More Ways to Connect
  LinkedIn Twitter YouTube Instagram
  RSS
Search
News
UC experts advise people to use caution when opening packages.
PHOTOS: 
1

UC experts advise people to use caution when opening packages.
Back Next
Publish Date: 12/04/08
Media Contact: Angela Koenig, 513-558-4625
print
PDF download
RSS feed
related news
share this
UC HEALTH LINE: Don't Let the Ouch Steal the Holidays

CINCINNATI—Tearing through a package to get to the gift has traditionally been part and parcel of the holiday experience. Getting to the actual gift, however, is becoming more difficult—and dangerous.

Once you’re through the decorative paper, there are often layers of protective plastic to tackle. But think twice before grabbing the scissors, a knife, a letter opener or any other sharp object for assistance.

 

“We’re seeing stab wounds to the palm of the hand trying to drive something through the plastic, or lacerations of the fingers, sprained fingers and scrapes where they’ve scraped off the skin,” says Alexander Trott, MD, professor of emergency medicine at the University of Cincinnati (UC) and author of the textbook, Wounds and Lacerations: Emergency Care and Closure.

 

It seems that in an attempt to make packaging more secure—for shipping purposes and to deter  theft—manufacturers may have created a potential hazard, if not a frustration. And the peskiest packaging perhaps belongs to the “clamshell”: a combination of hard plastic and epoxy that form-fits to products such as electronics.

 

According to the Consumer Product Safety Commission, about 6,000 Americans annually turn up in emergency rooms with injuries incurred while trying to pry, stab or cut open their purchases.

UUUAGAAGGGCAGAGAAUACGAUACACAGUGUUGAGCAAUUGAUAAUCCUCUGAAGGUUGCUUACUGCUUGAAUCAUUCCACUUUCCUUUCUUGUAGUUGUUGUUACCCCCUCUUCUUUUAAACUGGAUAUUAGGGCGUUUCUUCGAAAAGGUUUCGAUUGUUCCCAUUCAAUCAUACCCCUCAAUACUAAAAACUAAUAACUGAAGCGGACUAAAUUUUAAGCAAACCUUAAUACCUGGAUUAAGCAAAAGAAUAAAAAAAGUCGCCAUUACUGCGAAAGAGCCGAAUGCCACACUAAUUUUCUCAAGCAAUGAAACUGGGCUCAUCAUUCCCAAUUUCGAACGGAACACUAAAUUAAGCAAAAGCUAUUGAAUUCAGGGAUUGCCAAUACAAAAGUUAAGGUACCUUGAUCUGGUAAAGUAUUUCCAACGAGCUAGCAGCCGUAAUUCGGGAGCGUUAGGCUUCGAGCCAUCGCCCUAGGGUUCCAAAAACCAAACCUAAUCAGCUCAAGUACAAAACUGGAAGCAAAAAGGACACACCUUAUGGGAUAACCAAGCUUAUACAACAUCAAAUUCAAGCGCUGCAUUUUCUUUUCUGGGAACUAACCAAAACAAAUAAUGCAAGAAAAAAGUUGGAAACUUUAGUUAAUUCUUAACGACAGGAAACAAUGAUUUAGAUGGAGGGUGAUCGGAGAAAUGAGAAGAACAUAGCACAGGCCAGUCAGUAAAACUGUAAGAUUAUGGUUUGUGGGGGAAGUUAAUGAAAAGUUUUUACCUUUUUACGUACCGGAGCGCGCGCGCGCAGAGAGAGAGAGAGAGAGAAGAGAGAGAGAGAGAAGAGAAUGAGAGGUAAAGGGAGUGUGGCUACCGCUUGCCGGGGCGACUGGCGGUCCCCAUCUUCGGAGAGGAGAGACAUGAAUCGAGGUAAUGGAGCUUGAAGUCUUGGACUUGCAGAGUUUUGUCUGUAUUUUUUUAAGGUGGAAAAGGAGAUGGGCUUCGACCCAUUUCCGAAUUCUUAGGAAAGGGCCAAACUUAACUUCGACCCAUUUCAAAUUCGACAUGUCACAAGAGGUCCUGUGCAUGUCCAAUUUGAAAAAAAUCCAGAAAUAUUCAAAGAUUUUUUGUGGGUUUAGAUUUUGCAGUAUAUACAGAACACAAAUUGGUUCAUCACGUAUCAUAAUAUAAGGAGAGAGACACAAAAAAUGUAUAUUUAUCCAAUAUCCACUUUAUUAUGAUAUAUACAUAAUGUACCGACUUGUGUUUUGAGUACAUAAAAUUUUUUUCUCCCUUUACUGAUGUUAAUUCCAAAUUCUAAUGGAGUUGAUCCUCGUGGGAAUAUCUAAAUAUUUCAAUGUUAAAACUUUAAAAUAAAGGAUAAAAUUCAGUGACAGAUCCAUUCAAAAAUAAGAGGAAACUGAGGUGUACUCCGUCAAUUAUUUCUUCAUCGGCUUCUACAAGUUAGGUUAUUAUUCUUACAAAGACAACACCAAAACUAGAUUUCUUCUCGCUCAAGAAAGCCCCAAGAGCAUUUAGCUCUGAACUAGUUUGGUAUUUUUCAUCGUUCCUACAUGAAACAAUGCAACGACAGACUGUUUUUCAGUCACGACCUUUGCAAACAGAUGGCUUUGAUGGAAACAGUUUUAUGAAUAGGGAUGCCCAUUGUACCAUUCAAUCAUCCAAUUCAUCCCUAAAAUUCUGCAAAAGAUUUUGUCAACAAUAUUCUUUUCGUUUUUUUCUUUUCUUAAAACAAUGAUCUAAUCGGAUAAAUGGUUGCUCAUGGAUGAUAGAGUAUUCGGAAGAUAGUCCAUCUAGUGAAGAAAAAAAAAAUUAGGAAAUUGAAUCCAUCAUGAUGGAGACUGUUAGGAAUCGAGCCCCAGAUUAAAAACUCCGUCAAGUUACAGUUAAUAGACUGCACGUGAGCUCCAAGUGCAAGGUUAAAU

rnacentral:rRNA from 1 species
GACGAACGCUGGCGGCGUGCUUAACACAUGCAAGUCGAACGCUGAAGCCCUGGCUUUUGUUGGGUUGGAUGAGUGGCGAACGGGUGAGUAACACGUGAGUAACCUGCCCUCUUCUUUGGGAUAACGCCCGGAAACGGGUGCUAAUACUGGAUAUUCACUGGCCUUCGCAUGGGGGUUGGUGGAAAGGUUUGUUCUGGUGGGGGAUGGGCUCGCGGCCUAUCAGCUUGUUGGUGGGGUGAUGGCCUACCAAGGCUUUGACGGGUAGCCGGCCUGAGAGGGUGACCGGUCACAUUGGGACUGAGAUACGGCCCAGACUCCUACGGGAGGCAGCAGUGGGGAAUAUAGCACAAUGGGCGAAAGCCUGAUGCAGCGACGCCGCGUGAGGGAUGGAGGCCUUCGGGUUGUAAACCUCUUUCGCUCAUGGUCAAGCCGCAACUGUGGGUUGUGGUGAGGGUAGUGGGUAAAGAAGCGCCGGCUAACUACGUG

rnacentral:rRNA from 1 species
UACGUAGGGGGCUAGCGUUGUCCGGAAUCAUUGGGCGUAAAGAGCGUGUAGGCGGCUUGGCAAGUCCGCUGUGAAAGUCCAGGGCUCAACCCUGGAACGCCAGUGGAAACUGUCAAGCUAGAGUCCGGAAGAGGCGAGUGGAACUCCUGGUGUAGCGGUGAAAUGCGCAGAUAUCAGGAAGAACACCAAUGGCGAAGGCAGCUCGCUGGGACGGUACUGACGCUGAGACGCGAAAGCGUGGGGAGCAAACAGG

“Injury is more likely to occur when there are more packages to open such as with Christmas and Hanukkah, but regular, everyday-use items also come in some kind of plastic,” says Trott.

 

Regardless of the cause, even a small cut is no small matter.

 

“Small cuts can be entry points for this nasty new germ called MRSA”:  methicillin-resistant Staphylococcus aureus , a bacteriumresponsible for difficult-to-treat infections in humans, he says.

 

While MRSA (often referred to as mersa) is typically known to flourish in locker rooms, jails or other living conditions with close quarters, Trott says, “the reality is that we’ve found it can occur in individuals outside of these conditions, in even the smallest cuts.”  

 

What to do then if you slice, stab or jab yourself trying to open that new video game or electric razor? According to Trott, a trip to the emergency room is warranted if:

 

  • The wound is deep enough to see white or fatty tissue sticking out.
  • Bleeding won’t stop after more than 10 minutes of continuous pressure.
  • There is any loss of function.    

Outside of these parameters, surface or small cuts should be cleaned with soap and water and dried thoroughly. You may also want to use an antibacterial ointment, he says.

 

“But you still need to be very careful.”  



 back to list | back to top